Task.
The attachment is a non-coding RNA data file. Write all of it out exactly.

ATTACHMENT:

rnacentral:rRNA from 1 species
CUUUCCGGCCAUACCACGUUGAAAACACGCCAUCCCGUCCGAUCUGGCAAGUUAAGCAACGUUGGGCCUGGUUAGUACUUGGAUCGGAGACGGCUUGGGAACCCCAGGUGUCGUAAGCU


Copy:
rnacentral:rRNA from 1 species
CUUUCCGGCCAUACCACGUUGAAAACACGCCAUCCCGUCCGAUCUGGCAAGUUAAGCAACGUUGGGCCUGGUUAGUACUUGGAUCGGAGACGGCUUGGGAACCCCAGGUGUCGUAAGCU